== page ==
Tax deductions have a purpose

A view of Harvard University campus and Holworth Hall on the right and Stoughton Hall on the left in the late autumn when most of the leaves have fallen on Nov. 20, 2010.

Article Highlights

  • No, the government shouldn’t eliminate tax breaks for private universities:

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  • Princeton spent $110 million on student aid last year, many of them would not be attending Princeton absent that aid.

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  • Zeroing out the deduction for private institutions to address noxious extravagances is a cure that’s worse than the disease

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Should government change its tax exemption policies for universities as a way of equalizing educational resources in America? Read More >>

No, the government shouldn’t eliminate tax breaks for private universities. The bigger question of deductions is a complex one. If the proposal were to zero out charitable deductions as part of broader tax reform, that’d be one thing.

"Today’s charitable contributions to private institutions help to fund scholarships for low-income students." - Frederick M. HessHere, however, the question is simpler. The United States Congress first adopted the deduction for gifts to "religious, charitable, scientific or educational" institutions in 1917. Such gifts frequently complement or even substitute for government programs. The intent was to safeguard the web of private institutions that, as Tocqueville observed a century before, undergird our democracy, anchor our communities and act as a firebreak on government.

Today, as Uncle Sam’s reach steadily expands into the financing and regulation of higher education, those on the left and the right who value independent institutions of higher learning should find particular comfort in this practice.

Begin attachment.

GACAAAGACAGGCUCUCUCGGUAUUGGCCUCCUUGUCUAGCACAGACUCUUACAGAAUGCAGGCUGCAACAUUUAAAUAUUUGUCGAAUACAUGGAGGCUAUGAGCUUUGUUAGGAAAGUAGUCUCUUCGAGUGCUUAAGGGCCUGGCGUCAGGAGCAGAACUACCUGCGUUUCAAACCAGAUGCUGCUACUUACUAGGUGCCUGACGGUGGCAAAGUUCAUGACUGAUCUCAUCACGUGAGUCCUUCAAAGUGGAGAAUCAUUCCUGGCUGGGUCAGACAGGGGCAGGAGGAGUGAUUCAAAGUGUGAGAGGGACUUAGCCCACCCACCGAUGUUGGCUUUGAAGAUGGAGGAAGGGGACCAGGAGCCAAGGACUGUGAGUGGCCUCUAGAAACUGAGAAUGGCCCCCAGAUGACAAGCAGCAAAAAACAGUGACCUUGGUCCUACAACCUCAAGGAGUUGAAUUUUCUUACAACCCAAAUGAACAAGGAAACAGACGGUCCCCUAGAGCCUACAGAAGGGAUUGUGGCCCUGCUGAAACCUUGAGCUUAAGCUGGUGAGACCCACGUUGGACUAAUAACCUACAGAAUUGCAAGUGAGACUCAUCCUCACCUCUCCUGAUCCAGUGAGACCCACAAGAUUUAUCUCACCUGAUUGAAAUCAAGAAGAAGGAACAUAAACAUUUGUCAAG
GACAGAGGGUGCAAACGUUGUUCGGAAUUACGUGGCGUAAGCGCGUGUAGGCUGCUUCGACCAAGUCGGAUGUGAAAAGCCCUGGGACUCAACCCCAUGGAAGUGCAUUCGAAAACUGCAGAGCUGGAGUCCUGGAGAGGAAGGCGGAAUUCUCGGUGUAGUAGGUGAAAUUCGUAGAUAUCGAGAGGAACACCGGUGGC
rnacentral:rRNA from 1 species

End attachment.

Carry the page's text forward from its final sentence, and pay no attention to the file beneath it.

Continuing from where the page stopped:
What about the nifty-sounding idea of using the new tax dollars to expand access? Well, the federal government has boosted outlays on higher education by 250 percent, to $170 billion a year, in the past decade. Most of this funding has gone to public institutions. Against this backdrop, the $5 billion or so the proposal would raise seems unlikely to have much impact.

Meanwhile, today’s charitable contributions to private institutions help to fund scholarships for low-income students. For instance, Princeton University has come under fire in this debate, but it’s worth noting that Princeton spent $110 million on student aid last year — providing 60 percent of its students with an average of $35,000. Many of them would not be attending Princeton, absent that aid.

Finally, let’s keep in mind that many public institutions collect a lot more in charitable giving than their private counterparts. I’m not sure why deep-pocketed public institutions like the University of Texas or Ohio State should get to keep raking in deductible gifts alongside state funds, while the Baylors and Oberlins of the world are penalized.

The proposal has a certain facile appeal. But zeroing out the deduction for private institutions to address some noxious extravagances is a cure that’s worse than the disease.

Frederick M. Hess is the director of education policy studies at AEI and author, most recently, of "The Same Thing Over and Over."

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